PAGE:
80/100 - RAF100 Aircraft tour, Glasgow
79/100 - Spearhead Vulcan
78/100 - Chain home
The Royal Air Force’s frontline aircraft are equipped with some of the latest radar capability.
This technology originally dates back to before the Second World War when engineers from our predecessor companies helped the RAF to develop the Chain Home, the ring of early warning radar stations built during the Second World War.
Chain Home was the world's first early warning radar network and one of the most powerful weapons in the war.
Today, the 365-foot mast at our site in Great Baddow, Essex, is the last wholly intact section of the Chain Home system, which provided radar coverage across the British Isles facing Europe.
We continue to play a leading role in the development of the latest radar technology for the RAF.
In the latest Captor-E radar development programme for Eurofighter Typhoon we are performing a series of trials which will enable us to unlock the aircraft’s capability.
This will give Typhoon one of the most advanced radar systems in the world, enabling it a wider view than any other combat aircraft.
77/100 - Safer skies for everyone
76/100 - "I was very lucky to do what I did"
75/100 - 150 not out
Over the past century, more than 150 different aircraft types have been designed, developed, manufactured and brought in to service through the enduring partnership between our business and the Royal Air Force.
We are proud to preserve the heritage of many of the great icons of British aviation, from English Electric and Avro through to Hawker Siddeley and Supermarine.
This heritage remains important today. The knowledge and experience built over generations acts as the foundation for the products we deliver to the RAF today.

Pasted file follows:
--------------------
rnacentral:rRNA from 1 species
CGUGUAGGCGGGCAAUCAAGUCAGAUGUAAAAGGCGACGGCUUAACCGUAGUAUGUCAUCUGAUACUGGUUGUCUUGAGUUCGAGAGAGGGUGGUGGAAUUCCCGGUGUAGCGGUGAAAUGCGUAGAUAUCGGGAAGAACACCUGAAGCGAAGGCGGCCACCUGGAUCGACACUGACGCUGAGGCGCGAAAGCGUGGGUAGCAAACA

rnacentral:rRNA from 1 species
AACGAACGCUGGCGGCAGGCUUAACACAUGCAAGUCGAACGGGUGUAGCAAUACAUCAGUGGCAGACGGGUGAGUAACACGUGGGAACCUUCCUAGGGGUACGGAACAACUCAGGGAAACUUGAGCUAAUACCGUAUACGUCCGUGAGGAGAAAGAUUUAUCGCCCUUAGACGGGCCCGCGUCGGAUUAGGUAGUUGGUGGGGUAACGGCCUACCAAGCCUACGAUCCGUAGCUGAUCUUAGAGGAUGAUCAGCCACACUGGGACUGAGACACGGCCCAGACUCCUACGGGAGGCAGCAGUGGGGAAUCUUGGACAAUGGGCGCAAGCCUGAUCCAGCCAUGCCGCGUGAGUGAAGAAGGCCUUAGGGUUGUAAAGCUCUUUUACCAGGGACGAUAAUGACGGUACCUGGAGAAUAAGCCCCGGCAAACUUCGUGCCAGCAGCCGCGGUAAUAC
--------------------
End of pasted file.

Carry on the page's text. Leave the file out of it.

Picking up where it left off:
The legacy of those men and women that came before us also inspires the next generation of engineers, manufacturers and many others who will write the next chapter of our valued partnership.
74/100 - The sky's the limit but not for long
Today, we continue to invest in future technology which ensures we are ready to respond to the needs of our customers.
In 2015, we made a strategic investment in Reaction Engines which is developing engine technology capable of travelling five times the speed of sound.
As the focus of defence shifts to the protection of vitally important assets, such as communication satellites based in space, the need for this technology is growing greater.
As a company, we continue to invest in research and development, working alongside our customers and partners to develop technologies for use today and into the future.
73/100 - Learning how to make the future
Whether they are future pilots, maintainers or the engineers and manufacturers who will deliver the future aircraft, we share the same values.
On August 10, we hosted 80 youngsters from RAF Air Cadet squadrons across the North West for a ‘Make It’ Challenge designed to engage them in all aspects of manufacturing capability.
It challenged them to come up with everything from setting up a team through to designing a concept and then coming up with a finished product.
The competition took place at our Academy for Skills & Knowledge (ASK), a £15.6m commitment to our current and future talent. The ASK facility ensures we have the skills to continue to deliver the future capabilities required by the RAF and our international customers.
Since opening its doors in December 2016, the Academy has played host to more than 80,000 visitors from across the world including apprentices, graduates and schoolchildren to senior military officials and members of the Royal Family.
72/100 - Saluting the 'Tonka'
On August 14 1974, an airfield in Manching, near Munich, Germany, saw the maiden flight of an aircraft which has since become the heart of operations with the Royal Air Force.
Speaking after the flight, Paul Millett, the British Aircraft Corporation test pilot who made the maiden flight, said: "It felt like an aircraft that has been flying for many years."